• Feb. 8, 2015, 12:54 a.m.: at this time, a businessman closed his restaurant in the area of 251 Stuyvesant Ave. in Newark and was walking to his silver 2011 Honda minivan when he was approached by Montgomery, who was wearing a black ski mask. Montgomery pointed a handgun at the victim and demanded money and the keys to the victim’s vehicle. The victim provided Montgomery with his cell phone and approximately $200 to $300. Montgomery then took the victim’s keys, entered the victim’s vehicle and drove away.
  • Feb. 8, 2015, 7:50 p.m.: the stolen silver minivan pulled into a Sunoco gas station at 264 Park Avenue in Newark. A Sunoco attendant approached the vehicle in order to service the car, when Montgomery exited the vehicle and pointed a gun at the attendant. Montgomery, who was wearing a full black ski mask, demanded money from the attendant, who provided approximately $170. Montgomery then re-entered the vehicle and fled the scene.
  • Feb. 9, 2015, 8:30 a.m.: a woman was cleaning snow off her vehicle when she was approached by Montgomery, who was driving the silver minivan. Montgomery pointed a handgun at the woman and stated “come over here or I will kill you.” The victim retreated to her vehicle and locked herself inside, where she called the police. Montgomery proceeded to bang on the window of the woman’s vehicle before returning to the silver minivan and leaving the area. This incident is the basis for the aggravated assault charge to which Montgomery pleaded guilty.
  • Feb. 9, 2015, 10 a.m.: Montgomery returned to the Park Avenue Sunoco in the silver minivan. Montgomery exited the vehicle and approached a bathroom outside the gas station, which was occupied by a male Sunoco employee. Montgomery banged on the door to the bathroom until the employee answered. Montgomery pointed a handgun at the victim and demanded money. Montgomery then took the jacket the employee was holding and removed approximately $350. Montgomery, who was wearing a black ski mask, fled the area in the silver minivan. This incident occurred approximately 30 minutes prior to the shooting incident involving Officer 1. This incident was further captured by security cameras at the Sunoco station and a neighboring Dunkin’ Donuts.

Officer 1 provided a statement to law enforcement on Feb. 13, 2015, which was consistent with the facts as set forth previously. Officer 1 indicated that he and his team were briefed on the morning of Feb. 9 and were made aware of a silver minivan that had been carjacked at gunpoint and used in a series of armed robberies. Officer 1 stated that he confirmed that the silver minivan driving behind his and Officer 2’s vehicle was the vehicle from the “hot sheet” provided to him that morning prior to attempting to stop the vehicle. Officer 1 further stated he was wearing his badge around his neck and had his duty weapon unholstered, while giving clear orders to the driver of the minivan to stop. Officer 1 stated, as the minivan was driving in his direction, he observed the driver reaching for an unknown object below the dashboard of the vehicle. Officer 1 stated he was in fear for his own safety, the safety of his fellow officers and the safety of the general public when he fired at the driver of the minivan. According to Officer 1, this belief was based on his knowledge that the minivan had been carjacked at gunpoint the day before and had been involved in several armed robberies just hours earlier.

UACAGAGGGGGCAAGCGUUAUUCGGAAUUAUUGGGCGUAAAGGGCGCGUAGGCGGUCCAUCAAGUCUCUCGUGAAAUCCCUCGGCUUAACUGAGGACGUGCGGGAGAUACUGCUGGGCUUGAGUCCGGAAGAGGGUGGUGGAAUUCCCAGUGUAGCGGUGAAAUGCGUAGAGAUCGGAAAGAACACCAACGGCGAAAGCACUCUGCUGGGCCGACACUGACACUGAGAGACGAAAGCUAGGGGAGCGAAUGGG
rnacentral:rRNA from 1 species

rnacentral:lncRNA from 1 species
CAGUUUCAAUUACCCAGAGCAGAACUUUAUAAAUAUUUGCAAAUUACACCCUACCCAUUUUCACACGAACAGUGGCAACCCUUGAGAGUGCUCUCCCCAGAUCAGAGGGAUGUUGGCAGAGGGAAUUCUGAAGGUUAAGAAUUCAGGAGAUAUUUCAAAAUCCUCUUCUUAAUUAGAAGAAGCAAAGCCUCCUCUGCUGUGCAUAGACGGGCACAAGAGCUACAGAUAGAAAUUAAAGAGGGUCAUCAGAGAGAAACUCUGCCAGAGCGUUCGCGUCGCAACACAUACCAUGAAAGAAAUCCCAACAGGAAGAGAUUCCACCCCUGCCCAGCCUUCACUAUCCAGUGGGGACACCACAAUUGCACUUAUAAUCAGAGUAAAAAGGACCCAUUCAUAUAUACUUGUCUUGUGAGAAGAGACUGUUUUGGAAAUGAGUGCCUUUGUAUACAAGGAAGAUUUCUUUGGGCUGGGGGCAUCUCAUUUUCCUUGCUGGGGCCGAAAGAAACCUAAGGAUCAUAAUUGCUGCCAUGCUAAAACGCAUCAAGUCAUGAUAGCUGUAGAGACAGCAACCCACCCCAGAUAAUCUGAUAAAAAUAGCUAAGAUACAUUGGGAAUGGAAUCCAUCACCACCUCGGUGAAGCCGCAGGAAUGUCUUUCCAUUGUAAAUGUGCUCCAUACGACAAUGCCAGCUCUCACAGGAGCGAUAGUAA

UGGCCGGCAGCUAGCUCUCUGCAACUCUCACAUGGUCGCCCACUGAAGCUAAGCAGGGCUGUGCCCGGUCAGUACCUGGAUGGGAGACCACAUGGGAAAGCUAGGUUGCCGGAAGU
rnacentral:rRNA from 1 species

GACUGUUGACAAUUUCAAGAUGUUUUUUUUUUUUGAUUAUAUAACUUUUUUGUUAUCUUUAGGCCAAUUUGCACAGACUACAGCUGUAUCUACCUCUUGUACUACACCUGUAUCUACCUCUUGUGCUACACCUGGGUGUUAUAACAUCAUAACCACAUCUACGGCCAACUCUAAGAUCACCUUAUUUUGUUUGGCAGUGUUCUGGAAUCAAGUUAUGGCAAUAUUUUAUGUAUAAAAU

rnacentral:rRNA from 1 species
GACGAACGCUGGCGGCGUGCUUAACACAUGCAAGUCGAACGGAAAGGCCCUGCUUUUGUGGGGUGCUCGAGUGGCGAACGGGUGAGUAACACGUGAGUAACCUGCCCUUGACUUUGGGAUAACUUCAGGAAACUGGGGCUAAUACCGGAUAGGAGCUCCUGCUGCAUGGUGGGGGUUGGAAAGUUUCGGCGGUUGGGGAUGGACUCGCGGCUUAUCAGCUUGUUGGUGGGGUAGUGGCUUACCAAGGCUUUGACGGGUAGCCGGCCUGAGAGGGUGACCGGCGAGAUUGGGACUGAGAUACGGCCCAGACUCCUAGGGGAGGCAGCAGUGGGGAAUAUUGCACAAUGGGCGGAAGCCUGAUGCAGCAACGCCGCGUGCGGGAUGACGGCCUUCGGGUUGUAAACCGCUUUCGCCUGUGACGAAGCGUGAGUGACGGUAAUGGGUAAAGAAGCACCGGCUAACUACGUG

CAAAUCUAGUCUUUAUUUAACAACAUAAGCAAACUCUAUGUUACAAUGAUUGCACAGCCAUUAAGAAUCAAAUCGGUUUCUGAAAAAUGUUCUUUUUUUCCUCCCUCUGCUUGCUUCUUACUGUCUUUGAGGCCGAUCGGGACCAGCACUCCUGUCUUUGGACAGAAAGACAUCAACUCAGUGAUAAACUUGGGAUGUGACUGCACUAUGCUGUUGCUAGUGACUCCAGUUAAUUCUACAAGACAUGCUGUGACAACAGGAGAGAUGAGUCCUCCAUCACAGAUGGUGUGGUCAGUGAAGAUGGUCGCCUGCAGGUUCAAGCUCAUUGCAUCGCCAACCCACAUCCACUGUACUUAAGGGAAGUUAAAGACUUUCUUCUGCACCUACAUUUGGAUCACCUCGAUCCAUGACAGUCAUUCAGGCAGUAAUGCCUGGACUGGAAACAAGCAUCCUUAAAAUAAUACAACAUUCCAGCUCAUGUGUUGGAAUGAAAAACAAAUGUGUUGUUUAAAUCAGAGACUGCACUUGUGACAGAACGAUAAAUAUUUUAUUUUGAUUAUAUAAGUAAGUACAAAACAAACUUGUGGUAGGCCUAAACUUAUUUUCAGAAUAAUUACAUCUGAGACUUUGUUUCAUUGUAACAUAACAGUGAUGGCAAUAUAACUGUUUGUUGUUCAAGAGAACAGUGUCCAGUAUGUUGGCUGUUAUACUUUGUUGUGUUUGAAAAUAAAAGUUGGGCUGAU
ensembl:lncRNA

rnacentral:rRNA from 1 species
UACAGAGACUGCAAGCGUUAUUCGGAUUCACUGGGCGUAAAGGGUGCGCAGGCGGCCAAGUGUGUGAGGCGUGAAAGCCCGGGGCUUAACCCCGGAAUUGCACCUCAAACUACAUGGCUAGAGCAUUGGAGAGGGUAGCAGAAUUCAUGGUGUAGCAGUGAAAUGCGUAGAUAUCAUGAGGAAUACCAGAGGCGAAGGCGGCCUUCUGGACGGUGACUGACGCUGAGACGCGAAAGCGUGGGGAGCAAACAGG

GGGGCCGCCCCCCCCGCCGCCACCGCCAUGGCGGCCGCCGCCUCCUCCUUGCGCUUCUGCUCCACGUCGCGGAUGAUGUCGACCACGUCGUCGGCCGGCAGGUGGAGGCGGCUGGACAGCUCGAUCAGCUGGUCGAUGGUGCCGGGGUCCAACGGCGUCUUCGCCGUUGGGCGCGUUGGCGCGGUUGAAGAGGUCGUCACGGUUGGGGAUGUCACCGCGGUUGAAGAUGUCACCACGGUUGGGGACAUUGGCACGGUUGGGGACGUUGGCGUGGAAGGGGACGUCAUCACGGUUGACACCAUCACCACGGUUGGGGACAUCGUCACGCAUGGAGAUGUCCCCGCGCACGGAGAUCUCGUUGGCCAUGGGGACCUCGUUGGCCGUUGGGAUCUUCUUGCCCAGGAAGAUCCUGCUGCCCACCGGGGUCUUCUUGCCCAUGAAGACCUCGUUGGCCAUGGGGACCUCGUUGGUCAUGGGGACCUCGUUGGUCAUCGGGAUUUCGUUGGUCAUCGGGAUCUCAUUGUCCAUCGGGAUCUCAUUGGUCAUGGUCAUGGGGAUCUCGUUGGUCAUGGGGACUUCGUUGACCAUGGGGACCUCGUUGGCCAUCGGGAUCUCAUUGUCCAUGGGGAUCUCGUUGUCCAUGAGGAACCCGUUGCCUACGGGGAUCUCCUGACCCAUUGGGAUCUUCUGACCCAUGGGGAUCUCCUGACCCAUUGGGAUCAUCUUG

Officers 2, 3, and 4 each provided statements to law enforcement which were consistent with the statement provided by Officer 1. Each officer heard the gunshots fired by Officer 1, but were unable to determine who fired the shots at the time they were fired. Officer 3 stated that he observed Montgomery’s minivan drive aggressively up onto the sidewalk on South 20th Street in the direction of Officer 1. Officers 2 and 4 were not able to observe whether Montgomery’s vehicle drove in the direction of Officer 1 from where they were positioned at the time of the incident.

With respect to the police-involved shooting, after analyzing all of the facts and circumstances of this incident, it was concluded by the Division of Criminal Justice that Officer 1 used an acceptable level of force in pointing and firing his weapon at Montgomery. The facts and circumstances reasonably led Officer 1 to believe that the use of force in this situation was necessary to prevent the escape of an individual who had recently committed several violent crimes using a firearm.

This entire matter has been reviewed by Honig and all portions were complied with of the Attorney General’s Law Enforcement Directive regarding uniform statewide procedures and best practices for conducting police use-of-force investigations that were in effect during the course of the investigation.